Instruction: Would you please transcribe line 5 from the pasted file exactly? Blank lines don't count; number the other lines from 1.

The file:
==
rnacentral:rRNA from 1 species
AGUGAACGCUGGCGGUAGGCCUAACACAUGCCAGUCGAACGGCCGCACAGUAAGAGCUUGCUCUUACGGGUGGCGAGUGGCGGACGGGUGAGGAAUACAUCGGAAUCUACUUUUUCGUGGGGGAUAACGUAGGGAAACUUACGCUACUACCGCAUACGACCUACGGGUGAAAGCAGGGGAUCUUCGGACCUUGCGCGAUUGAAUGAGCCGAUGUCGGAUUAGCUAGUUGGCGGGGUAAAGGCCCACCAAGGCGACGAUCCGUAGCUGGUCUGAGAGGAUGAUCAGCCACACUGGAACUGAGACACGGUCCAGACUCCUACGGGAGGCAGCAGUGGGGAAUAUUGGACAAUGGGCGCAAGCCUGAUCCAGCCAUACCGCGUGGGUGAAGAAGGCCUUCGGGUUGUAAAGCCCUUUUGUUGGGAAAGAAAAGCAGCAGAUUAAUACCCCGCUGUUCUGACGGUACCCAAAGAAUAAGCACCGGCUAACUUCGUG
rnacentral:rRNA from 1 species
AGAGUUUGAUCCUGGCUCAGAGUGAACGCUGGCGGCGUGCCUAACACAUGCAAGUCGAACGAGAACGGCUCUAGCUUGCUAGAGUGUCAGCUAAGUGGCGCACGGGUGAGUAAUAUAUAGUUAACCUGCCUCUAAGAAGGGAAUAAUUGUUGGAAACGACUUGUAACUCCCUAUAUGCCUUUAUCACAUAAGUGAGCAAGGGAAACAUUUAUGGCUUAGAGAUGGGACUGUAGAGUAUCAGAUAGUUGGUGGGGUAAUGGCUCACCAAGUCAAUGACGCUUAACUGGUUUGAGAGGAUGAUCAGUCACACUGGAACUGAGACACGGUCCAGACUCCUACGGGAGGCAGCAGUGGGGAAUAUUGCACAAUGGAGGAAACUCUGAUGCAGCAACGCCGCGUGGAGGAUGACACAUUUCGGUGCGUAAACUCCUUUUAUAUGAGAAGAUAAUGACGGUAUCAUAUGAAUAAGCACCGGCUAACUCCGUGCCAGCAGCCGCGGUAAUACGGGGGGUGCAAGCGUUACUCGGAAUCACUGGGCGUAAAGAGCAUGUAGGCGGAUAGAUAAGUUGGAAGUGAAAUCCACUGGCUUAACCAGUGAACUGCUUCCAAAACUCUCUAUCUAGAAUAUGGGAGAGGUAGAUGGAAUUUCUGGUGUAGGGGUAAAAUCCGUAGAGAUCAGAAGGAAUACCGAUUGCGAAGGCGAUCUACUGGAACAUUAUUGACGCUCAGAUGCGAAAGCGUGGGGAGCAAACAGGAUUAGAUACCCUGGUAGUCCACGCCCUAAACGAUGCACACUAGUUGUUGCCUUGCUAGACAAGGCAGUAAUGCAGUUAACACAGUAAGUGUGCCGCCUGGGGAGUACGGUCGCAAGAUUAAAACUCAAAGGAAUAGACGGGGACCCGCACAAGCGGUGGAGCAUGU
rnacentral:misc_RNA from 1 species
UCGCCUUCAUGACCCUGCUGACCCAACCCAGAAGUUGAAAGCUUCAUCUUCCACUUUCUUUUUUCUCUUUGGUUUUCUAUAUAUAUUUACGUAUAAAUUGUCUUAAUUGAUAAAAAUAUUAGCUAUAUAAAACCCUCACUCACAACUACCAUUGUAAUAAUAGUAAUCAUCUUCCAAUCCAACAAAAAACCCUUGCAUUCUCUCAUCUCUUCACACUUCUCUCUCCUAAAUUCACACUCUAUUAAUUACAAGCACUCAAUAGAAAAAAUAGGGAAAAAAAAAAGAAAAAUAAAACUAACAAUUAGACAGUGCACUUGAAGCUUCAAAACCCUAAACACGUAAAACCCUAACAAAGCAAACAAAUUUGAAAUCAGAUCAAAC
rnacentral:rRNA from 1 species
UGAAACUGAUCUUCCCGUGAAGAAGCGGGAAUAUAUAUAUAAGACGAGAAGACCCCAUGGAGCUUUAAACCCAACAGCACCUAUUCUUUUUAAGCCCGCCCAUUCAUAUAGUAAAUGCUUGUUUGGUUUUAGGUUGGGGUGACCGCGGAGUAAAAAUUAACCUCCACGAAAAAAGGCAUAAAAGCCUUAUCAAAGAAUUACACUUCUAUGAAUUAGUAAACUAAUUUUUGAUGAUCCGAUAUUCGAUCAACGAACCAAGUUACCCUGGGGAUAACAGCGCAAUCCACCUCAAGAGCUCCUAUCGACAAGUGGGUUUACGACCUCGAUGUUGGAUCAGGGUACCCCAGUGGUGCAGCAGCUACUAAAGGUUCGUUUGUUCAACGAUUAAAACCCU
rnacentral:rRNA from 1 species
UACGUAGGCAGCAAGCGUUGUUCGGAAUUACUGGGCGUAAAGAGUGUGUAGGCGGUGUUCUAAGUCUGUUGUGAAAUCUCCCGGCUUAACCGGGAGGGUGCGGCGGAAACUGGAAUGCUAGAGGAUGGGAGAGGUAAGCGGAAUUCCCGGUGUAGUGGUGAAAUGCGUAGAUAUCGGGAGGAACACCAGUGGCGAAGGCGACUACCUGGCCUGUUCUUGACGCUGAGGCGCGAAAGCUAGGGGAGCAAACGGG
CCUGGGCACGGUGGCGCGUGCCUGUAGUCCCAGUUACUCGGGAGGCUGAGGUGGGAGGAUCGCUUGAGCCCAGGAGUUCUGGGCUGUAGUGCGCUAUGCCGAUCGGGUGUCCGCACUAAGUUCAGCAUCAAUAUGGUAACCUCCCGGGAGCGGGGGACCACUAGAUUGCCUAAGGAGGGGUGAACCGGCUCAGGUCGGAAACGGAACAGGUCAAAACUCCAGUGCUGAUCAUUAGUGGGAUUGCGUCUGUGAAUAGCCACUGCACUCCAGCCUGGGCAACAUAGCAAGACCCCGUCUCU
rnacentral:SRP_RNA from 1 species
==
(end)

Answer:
rnacentral:misc_RNA from 1 species